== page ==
RAPAPORT…As the Las Vegas diamond and jewelry shows ended on Monday, mask-clad vendors expressed satisfaction with the amount of business they’d conducted during the past week.
“I’m so glad I came,” said Mishael Vardi, owner of Israel-based VMK Diamonds, a supplier of fancy-color diamonds. “I met a lot of people, and those people came to do business.”
There were serious buyers, added a New York-based diamantaire who requested anonymity. “We made sales with immediate payment, which doesn’t always happen at the shows,” he commented.
The events began with the Couture and Antique Jewelry & Watch shows, which took place at the Wynn hotel complex from August 24 to 26, and the JCK Luxury fair, which ran from August 24 to 30 at the Sands Expo Convention Center. The JCK Show, also at the Sands, started on August 27 and closed August 30.
While the number of visitors and exhibitors was down at all the fairs, others echoed Vardi’s sentiment that serious buyers were in attendance. The show was not great, but it was good, added Michael Indelicato, CEO of New York-based polished-diamond supplier RDI Diamonds, who exhibited at JCK. “Our sales were about the same as a pre-pandemic show, and that is from fewer people who were here,” he observed.
A number of high-profile exhibitors canceled in the weeks before the show due to the rise in Covid-19 cases. Among the notable absentees was wholesaler Stuller, whose name was strategically placed on the stairs leading from the entrance to the JCK show, with the promise, “See you in 2022.” The Gemological Institute of America (GIA), which usually has a strong presence at the Vegas events, was also missing this year.
Many of the major buyers and retail jewelers were also absent, according to exhibitors. Independent jewelers were more prevalent on the show floor, as were smaller-scale dealers. They were looking for goods ahead of the holiday season, said Amit Mehta, the CEO of the jewelry division at Dharm International in New York.
“Some people canceled at the last minute, but others decided to come at the last minute when they saw there were people here,” added a representative from a jewelry design house that exhibited at Couture.
The lower numbers were particularly felt in the diamond pavilion at JCK, where the aisles were wider than usual and there was a lot of open space.
The absence of international dealers in the diamond pavilion at JCK was also noted, as Belgian, Indian and Israeli dealers did not attend due to coronavirus-related travel restrictions in their respective centers.
“The show floor lacked the usual liveliness that we get from dealers running around and looking for offers,” said Eshvar Kotahwala of New York-based dealer Vinod Kotahwala. “The international dealers bring a buzz that attracts people into the diamond area. This year we were just another pavilion.”
Lack of goods
However, those who came made offers, and if you had the right goods, you could sell, Kotahwala stressed. There is a lack of goods on the market, so it’s tough to buy, he continued.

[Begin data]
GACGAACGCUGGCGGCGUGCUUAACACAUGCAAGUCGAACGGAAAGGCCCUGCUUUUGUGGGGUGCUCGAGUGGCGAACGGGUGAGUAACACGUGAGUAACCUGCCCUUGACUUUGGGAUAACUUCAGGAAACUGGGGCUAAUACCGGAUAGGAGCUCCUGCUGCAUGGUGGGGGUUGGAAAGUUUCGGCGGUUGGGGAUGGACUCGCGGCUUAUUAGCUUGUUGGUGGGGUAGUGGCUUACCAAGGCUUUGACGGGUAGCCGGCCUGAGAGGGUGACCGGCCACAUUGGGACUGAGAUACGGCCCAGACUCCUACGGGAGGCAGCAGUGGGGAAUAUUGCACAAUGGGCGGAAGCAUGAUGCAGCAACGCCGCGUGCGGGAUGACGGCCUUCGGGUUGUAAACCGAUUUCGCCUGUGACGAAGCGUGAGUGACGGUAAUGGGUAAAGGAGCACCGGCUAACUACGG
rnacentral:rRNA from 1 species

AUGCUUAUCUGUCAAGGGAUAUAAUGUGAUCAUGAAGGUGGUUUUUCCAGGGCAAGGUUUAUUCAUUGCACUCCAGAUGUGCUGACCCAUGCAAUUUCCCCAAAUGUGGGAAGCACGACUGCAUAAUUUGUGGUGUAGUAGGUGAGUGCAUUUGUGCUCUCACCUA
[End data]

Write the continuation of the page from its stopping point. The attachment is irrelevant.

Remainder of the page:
Buyers were very targeted in what they were looking for, and if you had the inventory, they bought on the spot, Mehta noted.
Suppliers who spoke with Rapaport News saw stable pricing at the show. “Diamond prices are high and it’s difficult to buy,” said Fishel Beigel of New York diamond trader Rick Shatz from his booth at the Antique show.
Demand is there, but there are issues on the supply side, Mehta observed, adding that high rough prices had caused people to start curtailing their purchases of those goods. While inventory levels have risen in recent months, there is a scarcity of the right goods at a profitable price, several market participants noted.
Most agreed that the steady demand for diamonds and jewelry was stemming from positive consumer sentiment. The momentum at retail is having a trickle-down effect along the supply chain, Mehta claimed.
Both suppliers and buyers at JCK concurred that 2021 had been a stellar year, or even “Christmas every day,” as one Oregon-based retail jeweler put it.
“People traveled less, the stock market is up, and they have more money to buy toys,” Indelicato said. “Government stimulus has injected liquidity to the lower end, too, where it pays people to stay at home [rather than work].”
Having notched strong sales in the first eight months of the year, retailers are low on inventory, so they came and made orders, Kotahwala explained.
The timing of the show, delayed by two months because of the pandemic, also injected some urgency into the market during the events. There’s a very small window for suppliers to prepare orders between now and the holiday season, added Eddie Levian, CEO of the Le Vian brand.
That means the post-show follow-up is as important as the event itself, arguably more than usual given that the holiday season is approaching. Based on the show, dealers remain confident about the US market for the remainder of 2021.
“People need goods and there will be another push for polished closer to Christmas,” Indelicato said. “I expect prices will remain strong at least through the first quarter of next year.”
And that positive momentum is being driven mainly from the consumer level. “There’s pent-up demand,” added the New York diamantaire. “We’ve had the best year ever and retailers need goods, which was evident at the show.”
Image: Inside the 2021 JCK Las Vegas show. (Rapaport News)